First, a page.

Wednesday, May 22, 2024

High-Energy Lithium Metal Batteries With Longer Cycle Life

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Researchers developed a lithium metal battery that can last for 600 cycles.

Lithium batteries of various chemistries are developed nowadays for large-scale and small-scale applications. These batteries rely on electrochemical reactions and degrade gradually leading to reduced capacity due to chemical changes in electrodes. Lithium batteries are prone to degradation after hundreds to thousands of charging and discharging cycles. In lithium ion batteries, the formation of the solid-electrolyte interphase in the negative electrode results in the consumption of lithium ions. This consumption of lithium ions reduces the charge and discharge efficiency of the electrode material.

The lithium metal batteries, on the other hand, are made of solid-state metal instead of lithium-ions. But they are still prone to capacity fading. Lithium metal batteries present a lot of advantages over conventional lithium batteries like faster charging, and high energy density. 

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For using lithium metal batteries at their full potential and to overcome degradation challenges, researchers from the Pacific Northwest National Laboratory developed a lithium metal pouch cell that performs well up to around 600 cycles. The developed 2Ah 350 Wh/kg lithium metal pouch cell had 76% capacity retention after 600 cycles without sudden cell death.

The researchers used pouch cells as they are not affected by high charge rates and the loss rate due to high temperature is also very low. Thus, they are a good candidate for usage in electric vehicles and other large-scale applications.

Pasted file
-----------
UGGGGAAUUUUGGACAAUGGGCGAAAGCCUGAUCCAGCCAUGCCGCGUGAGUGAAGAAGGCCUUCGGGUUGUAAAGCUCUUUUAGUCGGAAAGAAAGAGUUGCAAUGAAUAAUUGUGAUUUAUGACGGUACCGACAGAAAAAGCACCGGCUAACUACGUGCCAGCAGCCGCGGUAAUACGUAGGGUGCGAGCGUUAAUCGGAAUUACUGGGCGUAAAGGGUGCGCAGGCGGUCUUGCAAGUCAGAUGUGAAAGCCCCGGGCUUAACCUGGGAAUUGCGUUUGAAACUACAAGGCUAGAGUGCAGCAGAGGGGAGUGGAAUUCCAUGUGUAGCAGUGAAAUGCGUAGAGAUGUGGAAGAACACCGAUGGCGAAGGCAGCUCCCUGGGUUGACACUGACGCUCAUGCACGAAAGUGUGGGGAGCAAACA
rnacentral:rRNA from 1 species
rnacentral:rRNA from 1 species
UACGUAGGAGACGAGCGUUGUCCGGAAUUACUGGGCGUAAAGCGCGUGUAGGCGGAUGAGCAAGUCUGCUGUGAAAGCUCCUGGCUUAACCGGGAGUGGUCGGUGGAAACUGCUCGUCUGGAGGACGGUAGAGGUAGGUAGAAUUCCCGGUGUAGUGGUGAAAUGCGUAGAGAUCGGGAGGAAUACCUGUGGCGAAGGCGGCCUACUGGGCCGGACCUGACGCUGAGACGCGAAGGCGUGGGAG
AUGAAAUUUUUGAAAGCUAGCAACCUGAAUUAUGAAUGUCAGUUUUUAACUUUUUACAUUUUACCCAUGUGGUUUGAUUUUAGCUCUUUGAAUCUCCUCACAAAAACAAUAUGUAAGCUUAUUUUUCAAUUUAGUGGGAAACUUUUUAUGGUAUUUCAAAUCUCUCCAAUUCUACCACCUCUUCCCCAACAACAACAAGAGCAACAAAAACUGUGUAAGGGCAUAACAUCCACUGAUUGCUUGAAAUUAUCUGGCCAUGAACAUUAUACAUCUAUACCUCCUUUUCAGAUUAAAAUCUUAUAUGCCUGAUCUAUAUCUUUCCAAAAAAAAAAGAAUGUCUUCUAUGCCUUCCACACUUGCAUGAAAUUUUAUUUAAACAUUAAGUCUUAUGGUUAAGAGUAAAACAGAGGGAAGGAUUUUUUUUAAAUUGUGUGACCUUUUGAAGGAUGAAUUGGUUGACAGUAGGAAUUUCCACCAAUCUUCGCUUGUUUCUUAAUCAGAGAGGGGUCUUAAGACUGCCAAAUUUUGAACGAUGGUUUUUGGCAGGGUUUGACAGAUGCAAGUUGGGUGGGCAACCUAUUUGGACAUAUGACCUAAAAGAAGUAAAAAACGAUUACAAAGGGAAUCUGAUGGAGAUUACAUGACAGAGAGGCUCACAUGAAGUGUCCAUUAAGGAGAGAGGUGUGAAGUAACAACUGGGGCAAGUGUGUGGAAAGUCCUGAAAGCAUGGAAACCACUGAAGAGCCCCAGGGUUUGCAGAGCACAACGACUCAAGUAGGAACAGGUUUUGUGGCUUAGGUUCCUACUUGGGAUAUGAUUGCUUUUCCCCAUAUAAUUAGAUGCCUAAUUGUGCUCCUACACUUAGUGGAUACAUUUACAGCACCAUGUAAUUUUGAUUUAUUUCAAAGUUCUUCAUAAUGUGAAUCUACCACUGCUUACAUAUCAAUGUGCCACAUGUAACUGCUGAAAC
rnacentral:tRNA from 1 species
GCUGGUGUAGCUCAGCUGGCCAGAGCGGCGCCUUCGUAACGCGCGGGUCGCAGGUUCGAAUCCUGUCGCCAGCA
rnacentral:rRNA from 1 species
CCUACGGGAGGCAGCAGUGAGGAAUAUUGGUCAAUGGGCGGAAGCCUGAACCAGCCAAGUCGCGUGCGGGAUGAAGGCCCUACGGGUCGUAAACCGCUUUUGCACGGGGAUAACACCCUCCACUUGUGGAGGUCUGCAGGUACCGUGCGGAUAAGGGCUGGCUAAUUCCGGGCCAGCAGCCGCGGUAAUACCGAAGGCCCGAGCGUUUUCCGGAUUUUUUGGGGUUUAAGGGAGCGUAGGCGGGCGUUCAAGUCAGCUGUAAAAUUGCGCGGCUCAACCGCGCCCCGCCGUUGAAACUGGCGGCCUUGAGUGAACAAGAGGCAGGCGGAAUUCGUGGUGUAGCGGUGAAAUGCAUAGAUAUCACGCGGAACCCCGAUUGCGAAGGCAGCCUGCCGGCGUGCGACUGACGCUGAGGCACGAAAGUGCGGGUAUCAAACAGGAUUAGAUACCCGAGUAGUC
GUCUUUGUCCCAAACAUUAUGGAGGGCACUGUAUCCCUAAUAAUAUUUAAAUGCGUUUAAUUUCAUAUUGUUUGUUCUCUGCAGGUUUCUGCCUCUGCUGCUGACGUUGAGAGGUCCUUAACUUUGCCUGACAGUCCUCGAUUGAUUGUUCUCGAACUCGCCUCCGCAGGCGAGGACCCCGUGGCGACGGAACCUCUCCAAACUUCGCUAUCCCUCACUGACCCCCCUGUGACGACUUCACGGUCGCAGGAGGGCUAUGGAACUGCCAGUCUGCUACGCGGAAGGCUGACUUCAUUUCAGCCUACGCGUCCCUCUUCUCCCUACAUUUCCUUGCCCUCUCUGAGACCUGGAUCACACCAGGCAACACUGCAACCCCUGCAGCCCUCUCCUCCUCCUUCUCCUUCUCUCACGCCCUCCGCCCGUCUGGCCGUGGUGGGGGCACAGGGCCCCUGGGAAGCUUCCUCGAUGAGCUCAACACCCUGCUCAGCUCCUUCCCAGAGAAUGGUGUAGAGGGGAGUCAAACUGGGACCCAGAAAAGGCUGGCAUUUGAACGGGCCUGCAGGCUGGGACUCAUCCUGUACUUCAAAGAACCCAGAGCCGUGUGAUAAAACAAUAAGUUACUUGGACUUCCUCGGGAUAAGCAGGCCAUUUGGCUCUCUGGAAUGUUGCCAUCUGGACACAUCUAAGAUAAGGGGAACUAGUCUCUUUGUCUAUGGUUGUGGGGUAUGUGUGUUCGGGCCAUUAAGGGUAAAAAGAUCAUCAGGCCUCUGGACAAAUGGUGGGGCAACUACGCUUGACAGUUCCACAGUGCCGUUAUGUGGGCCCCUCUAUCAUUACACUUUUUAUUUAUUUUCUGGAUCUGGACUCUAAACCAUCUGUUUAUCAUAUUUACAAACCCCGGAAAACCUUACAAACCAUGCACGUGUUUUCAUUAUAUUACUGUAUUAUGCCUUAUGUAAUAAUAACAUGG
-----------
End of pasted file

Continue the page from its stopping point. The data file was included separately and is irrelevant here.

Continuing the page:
It is commonly believed that the thicker lithium can enable batteries with a high number of cycles. But the issue, according to researchers, is that electrolyte has to reach deeper into porous structures to reach the core of a thick electrode. The further the electrolyte has to travel, the more it gets depleted. This affects the solid electrolyte interphase (SEI) process and therefore, there must be an optimized electrode thickness for each lithium-metal battery depending on its cell energy and design.

The researchers in this study focused on tipping the balance away from unwanted electrolyte-lithium reactions and towards the essential ones.

“Simply, because the lithium strips are thicker, the electrolyte needs to flow into deeper pockets of the lithium and, as it does so, it leaves other portions of the lithium dry,” said the lab. “This stops important reactions from occurring, effectively smothering necessary electrochemical reactions, and contributes directly to the early death of the battery.”

The lithium metal battery developed by the PNNL researchers is a significant step in developing lithium batteries for electric vehicles today.

“It’s a big step forward for a promising technology, but lithium-metal technology is not yet ready for prime time. While the lithium-ion batteries used in electric vehicles today hold less energy, they last longer, typically at least 1,000 cycles,” according to the lab.

The developed battery is explained in the Nature Energy paper ‘Balancing interfacial reactions to achieve long cycle life in high-energy lithium metal batteries‘.



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